Blockchain technology and cryptocurrency have the potential to significantly reduce fraud and cut payment fees for retailers. In 2019, we'll start to see a real migration to cryptocurrency.
I'm not talking about a mass adoption of cryptocurrency in the year ahead. It’s still much too early for that. However, 2019 is shaping up to be the year when crypto moves beyond the fringe as more forward-thinking retailers start dipping their toes in the water.
As exhibit A, Facebook is developing a digital stablecoin currency that will tie to the U.S. dollar in order to reduce exchange volatility. Still in the strategy stages, the currency will ultimately enable users to transfer money via Facebook’s WhatsApp.
Another high-profile example is Amazon Web Services’ recent release of a managed blockchain platform that makes the technology more accessible. Using the platform, developers can skip over much of the complexity and cost to set up a scalable blockchain network in just a few clicks. From there, users can create faster, more secure ways to transfer assets or handle retail transactions.
Notably, these major steps forward are occurring even as prices of bitcoin and other cryptocurrencies have fallen. Despite that, blockchain, also known as distributed ledger technology, will completely change retail and our current payment systems. In fact, as blockchain gains mass acceptance over the next several years, the anticipated impact compares to the advent of internet use.
While cryptocurrencies are dependent on blockchain technology, blockchain is not tied to cryptocurrency. Traditional payment options, including bank transfers and credit cards, can operate using blockchain to provide enhanced fraud protection, improved processing speeds, and reduced costs.
Blockchain is already making a difference in countries that lack robust banking infrastructures. In Kenya, a company called BitPesa is leveraging blockchain to provide a secure way for companies on the African continent to pay their Chinese suppliers. As a replacement to slow and costly money transfers that required intermediaries, users go to BitPesa’s website to initiate the transfer directly to the Chinese vendor’s account. The savings on these cross-border payments is estimated to be 60 percent.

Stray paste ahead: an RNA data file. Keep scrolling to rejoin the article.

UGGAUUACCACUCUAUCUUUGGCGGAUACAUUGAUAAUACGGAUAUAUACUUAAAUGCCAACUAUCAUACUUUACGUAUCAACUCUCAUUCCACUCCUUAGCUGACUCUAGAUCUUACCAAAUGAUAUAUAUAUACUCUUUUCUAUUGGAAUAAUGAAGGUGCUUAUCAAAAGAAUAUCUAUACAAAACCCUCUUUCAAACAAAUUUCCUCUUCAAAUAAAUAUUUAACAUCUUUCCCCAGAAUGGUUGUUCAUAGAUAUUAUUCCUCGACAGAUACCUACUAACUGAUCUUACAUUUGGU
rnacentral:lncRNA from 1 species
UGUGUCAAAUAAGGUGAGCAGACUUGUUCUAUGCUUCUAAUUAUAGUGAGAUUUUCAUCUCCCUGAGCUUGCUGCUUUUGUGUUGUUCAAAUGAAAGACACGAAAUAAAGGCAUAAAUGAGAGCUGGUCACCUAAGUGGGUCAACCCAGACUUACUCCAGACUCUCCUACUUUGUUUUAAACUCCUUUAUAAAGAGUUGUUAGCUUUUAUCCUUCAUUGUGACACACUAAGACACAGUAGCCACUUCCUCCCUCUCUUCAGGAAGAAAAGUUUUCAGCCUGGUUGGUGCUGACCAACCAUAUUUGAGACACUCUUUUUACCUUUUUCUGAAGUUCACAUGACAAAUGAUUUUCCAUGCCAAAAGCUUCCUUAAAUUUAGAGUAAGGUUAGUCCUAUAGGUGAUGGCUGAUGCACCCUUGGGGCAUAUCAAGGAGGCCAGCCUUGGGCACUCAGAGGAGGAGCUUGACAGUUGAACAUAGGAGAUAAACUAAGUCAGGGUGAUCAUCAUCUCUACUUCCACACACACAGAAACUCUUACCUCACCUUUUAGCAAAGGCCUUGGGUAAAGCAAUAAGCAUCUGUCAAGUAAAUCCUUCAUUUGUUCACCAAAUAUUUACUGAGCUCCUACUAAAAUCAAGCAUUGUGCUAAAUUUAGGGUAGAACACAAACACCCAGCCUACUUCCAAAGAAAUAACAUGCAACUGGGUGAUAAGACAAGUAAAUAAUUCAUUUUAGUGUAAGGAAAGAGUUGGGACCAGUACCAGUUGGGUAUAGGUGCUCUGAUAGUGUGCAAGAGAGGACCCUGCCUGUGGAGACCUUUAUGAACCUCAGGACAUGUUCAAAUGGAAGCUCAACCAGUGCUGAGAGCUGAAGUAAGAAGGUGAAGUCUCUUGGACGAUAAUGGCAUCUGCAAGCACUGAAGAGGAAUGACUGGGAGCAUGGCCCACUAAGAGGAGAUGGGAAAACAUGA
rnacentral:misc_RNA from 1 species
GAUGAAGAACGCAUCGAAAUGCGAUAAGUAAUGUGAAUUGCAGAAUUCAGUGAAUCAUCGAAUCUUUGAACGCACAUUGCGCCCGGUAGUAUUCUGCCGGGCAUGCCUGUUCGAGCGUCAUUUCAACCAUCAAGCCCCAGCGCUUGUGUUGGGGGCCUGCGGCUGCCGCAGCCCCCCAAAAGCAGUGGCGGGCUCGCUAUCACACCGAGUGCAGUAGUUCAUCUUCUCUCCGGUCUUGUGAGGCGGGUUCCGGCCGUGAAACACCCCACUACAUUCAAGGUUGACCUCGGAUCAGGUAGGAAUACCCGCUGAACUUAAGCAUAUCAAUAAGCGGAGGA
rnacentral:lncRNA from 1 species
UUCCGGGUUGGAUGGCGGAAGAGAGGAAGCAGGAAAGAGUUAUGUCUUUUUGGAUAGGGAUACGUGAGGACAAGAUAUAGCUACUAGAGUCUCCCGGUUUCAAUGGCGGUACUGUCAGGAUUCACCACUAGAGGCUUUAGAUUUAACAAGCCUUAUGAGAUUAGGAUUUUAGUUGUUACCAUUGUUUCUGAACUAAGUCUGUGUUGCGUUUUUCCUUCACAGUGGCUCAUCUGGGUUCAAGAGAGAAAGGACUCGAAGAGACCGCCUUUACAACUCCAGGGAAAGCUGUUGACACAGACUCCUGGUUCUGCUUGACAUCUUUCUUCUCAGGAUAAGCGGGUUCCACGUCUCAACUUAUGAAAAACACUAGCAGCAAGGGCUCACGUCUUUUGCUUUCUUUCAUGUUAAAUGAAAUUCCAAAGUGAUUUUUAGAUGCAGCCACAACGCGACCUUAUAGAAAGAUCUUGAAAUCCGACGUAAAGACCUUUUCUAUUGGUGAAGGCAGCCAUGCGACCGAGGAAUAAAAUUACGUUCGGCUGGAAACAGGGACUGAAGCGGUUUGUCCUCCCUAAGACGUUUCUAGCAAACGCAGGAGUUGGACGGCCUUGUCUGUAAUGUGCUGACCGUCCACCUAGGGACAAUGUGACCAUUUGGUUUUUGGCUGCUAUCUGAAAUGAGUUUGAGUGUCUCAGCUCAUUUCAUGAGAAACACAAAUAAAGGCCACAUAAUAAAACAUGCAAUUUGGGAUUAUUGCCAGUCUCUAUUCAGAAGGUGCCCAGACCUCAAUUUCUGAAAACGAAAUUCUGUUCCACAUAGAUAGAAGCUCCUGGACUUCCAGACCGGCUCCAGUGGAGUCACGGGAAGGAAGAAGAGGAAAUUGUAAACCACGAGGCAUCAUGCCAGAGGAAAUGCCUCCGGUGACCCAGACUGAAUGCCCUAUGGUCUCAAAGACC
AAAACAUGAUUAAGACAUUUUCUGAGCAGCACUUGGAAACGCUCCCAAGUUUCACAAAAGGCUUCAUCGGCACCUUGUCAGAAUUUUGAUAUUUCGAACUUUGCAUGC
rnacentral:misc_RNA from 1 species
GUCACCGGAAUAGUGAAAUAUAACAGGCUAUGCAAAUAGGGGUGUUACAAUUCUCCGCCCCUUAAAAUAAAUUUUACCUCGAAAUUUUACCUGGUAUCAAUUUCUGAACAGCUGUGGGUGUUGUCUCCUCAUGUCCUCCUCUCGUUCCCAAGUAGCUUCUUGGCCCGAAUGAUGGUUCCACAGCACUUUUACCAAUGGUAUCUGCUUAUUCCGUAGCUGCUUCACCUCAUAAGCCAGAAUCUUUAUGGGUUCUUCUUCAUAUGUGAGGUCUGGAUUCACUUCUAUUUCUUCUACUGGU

Blockchain is also becoming a factor in countries with established banking systems. In Japan, Ripple launched an app called Money Tap that makes it easier for banks to handle domestic payments — virtually instantly — through blockchain technology. For customers, the app makes the payment process faster and safer.
What’s It All Mean?
In both the BitPesa and Money Tap examples, blockchain’s decentralized peer-to-peer transactions eliminate the traditional intermediary role of banks or credit card associations. While these types of payment options won’t replace the current system overnight, retailers should look for opportunities to migrate toward blockchain payments that make sense for their businesses today.
For example, look for cryptocurrency to be used as an incentive to change customer behaviors. Merchants may be offered a flat 1 percent processing fee for cryptocurrency payments or reduced fees for existing card processing with crypto used as an offset for interchange rate losses.
In the year ahead, retailers won’t need to make dramatic changes, and they definitely shouldn't go all in on any single cryptocurrency at this point. But retailers who take advantage of early opportunities give themselves new options to reduce their reliance on intermediaries. In 2019, the money saved on processing fees can go straight to the bottom line.